KEN NICOL - Thirteen Reasons

Thirteen Reasons

Ken Nicol seems to have been around forever on the fringes of the folk-rock scene, so it is a surprise to see he only became a member of the Albion Band in 1997. Indeed, listening to some of the songs on this album there are echoes of earlier Albion work. His recent work with Steeleye Span has given him a greater prominence, so it will be interesting to see whether this will translate into success for a solo album. Certainly he provides a wide variety of songs and the occasional instrumental, all self-penned except a version of 'The Water is Wide' played on guitar as a slow air. Styles range from acoustic to soft-rock, with support from many of the top musicians in folk rock-Rick Kemp, Martin Allcock, Pete Knight on fiddle, Liam Genockey on drums, and harmonies from Maddy Prior and Chris While.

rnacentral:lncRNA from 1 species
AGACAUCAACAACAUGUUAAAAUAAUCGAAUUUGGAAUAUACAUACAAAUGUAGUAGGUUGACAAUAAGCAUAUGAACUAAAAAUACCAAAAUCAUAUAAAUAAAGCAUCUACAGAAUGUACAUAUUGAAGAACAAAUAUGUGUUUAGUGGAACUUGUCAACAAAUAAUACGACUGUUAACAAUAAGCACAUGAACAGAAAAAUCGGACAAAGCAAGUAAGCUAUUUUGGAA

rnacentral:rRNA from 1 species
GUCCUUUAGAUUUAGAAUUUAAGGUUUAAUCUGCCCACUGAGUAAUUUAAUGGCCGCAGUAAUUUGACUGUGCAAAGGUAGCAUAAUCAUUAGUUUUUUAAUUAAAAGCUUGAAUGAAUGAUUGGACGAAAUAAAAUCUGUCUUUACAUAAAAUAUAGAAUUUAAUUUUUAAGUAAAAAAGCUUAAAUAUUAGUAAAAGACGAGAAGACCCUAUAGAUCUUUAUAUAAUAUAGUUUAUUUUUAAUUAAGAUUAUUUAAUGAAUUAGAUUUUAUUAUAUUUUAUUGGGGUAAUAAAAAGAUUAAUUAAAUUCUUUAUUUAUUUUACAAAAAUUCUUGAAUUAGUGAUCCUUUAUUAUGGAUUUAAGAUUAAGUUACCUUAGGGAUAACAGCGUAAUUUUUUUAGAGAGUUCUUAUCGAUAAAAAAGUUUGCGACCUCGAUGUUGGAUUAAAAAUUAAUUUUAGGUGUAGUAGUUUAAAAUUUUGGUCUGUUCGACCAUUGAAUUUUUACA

His own material covers a wide variety of styles, and it is that which must be his selling point as his voice, while pleasant and capable,is not startling. That need not be a problem, as Richard Thompson has shown, although it might be helpful if one of the 'voices' of folk takes one of his songs and runs with it. Standouts for me are 'Insobriety', a hymn to drink with a catchy chorus, 'The Liquid Petroleum Gas Song', "where he links greenness to thrift with a deal of whimsy in talking blues style, the jokey 'On Holiday in Stornaway', and 'That Could Have Been Me' where he dreams of being Tiger Woods, or Jasper Carrott, or 'a legend of rock guitar history.' Too late,.as he suggests, for that, but maybe there's still time to be a legend of folk-rock.

Bob Harragan

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This album was reviewed in Issue 68 of The Living Tradition magazine.